Tuesday, July 19, 12:30 pm Berkman Center, 23 Everett Street, Second Floor
Research on software security vulnerabilities is a valuable example of peer production. However, hackers are often threatened with intellectual property lawsuits by companies who want to keep flaws secret. Oliver Day and Derek Bambauer propose a liability shield for security research to improve cybersecurity in a world dependent on cloud computing and mobile platforms. Come debate whether hackers are whistleblowers, and how legal immunity affects security when cyberweapons like Stuxnet are increasingly available.
Derek Bambauer teaches Internet law and intellectual property and publishes articles on intellectual property, information control, and health law. He has also written technical articles on data recovery and fault tolerance, and on deployment of software upgrades. He has presented on issues including spam and Internet filtering in both technical and policy settings, model laws for spam regulation, and China’s online controls. He is also one of the authors of Info/Law, a popular blog that addresses Internet law, intellectual property, and information law.
A former principal systems engineer at Lotus Development Corp. (part of IBM), Professor Bambauer spent two years as a Research Fellow at the Berkman Center for Internet & Society at Harvard Law School. At Berkman, he was a member of the OpenNet Initiative, an academic consortium that tests and studies Internet censorship in countries such as China, Iran and Vietnam.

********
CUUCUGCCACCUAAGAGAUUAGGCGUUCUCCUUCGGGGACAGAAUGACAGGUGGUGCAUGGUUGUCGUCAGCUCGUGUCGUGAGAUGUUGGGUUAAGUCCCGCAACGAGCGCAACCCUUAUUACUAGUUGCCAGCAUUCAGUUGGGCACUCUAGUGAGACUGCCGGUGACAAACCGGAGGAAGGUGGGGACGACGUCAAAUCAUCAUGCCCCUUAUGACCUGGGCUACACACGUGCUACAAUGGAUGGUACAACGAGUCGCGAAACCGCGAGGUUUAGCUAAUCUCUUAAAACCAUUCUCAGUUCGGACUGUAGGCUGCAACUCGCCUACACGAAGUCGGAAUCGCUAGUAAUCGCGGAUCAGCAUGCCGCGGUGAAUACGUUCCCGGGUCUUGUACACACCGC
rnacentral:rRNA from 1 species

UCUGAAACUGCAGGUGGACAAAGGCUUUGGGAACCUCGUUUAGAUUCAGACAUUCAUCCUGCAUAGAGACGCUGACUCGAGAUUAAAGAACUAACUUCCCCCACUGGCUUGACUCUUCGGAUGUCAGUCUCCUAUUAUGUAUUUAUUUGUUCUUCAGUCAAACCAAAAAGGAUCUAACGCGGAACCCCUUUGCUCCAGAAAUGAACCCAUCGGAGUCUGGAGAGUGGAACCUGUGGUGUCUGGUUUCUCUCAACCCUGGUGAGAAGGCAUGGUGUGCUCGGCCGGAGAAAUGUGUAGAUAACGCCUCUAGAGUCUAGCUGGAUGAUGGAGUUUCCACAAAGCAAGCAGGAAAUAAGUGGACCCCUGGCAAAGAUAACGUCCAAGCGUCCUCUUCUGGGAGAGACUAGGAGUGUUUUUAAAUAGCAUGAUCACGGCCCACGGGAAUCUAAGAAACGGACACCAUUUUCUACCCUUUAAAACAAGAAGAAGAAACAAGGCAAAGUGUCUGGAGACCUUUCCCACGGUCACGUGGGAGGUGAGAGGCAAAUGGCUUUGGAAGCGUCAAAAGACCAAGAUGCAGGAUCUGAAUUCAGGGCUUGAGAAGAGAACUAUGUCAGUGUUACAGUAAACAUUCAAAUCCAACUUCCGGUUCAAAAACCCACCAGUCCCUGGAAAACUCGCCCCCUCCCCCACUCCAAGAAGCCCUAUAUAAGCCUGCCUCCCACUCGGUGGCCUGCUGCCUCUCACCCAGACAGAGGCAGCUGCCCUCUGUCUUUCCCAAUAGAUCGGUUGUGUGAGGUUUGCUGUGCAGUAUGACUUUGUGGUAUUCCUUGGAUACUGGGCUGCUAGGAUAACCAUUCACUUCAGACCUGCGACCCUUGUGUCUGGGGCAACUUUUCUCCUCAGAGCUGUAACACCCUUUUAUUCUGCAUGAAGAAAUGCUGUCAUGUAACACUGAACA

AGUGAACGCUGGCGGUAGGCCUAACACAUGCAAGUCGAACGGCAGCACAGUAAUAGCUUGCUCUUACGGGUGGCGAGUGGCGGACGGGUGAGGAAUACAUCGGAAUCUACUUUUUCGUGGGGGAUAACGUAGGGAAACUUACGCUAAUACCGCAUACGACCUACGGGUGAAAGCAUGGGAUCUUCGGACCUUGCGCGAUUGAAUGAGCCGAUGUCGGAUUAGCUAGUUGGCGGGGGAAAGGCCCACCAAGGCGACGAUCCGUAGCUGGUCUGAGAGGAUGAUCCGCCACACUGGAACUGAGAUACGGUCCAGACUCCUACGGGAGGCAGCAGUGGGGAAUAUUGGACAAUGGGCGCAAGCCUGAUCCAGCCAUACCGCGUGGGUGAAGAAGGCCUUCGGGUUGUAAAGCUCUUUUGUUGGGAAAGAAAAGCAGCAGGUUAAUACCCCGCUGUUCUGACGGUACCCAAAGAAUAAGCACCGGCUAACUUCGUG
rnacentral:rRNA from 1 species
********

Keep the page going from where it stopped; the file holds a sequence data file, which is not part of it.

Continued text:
Oliver Day is a senior security researcher for Internet titan Akamai where he is focused on web based malware such as Drive By Downloads. He is intent on integrating biostatistical and epidemiological models into modern network security practice and policy making. He was formerly a security researcher at Stopbadware.org where he helped build the infrastructure to monitor reports of infections across the Internet and distill them into actionable reports. Previous to Stopbadware Oliver was a principal security consultant with @stake (then acquired by Symantec) and an engineer with eEye Digital Security. Oliver graudated from the Harvard School of Extension with concentrations in legal studies and Chinese studies. His thesis and subsequent academic work have been focused on finding suitable mathematical models to predict the spread of web based malware. He also likes to interact with the cyberlaw community and is a strong advocate for the disclosure process and shielding for security researchers.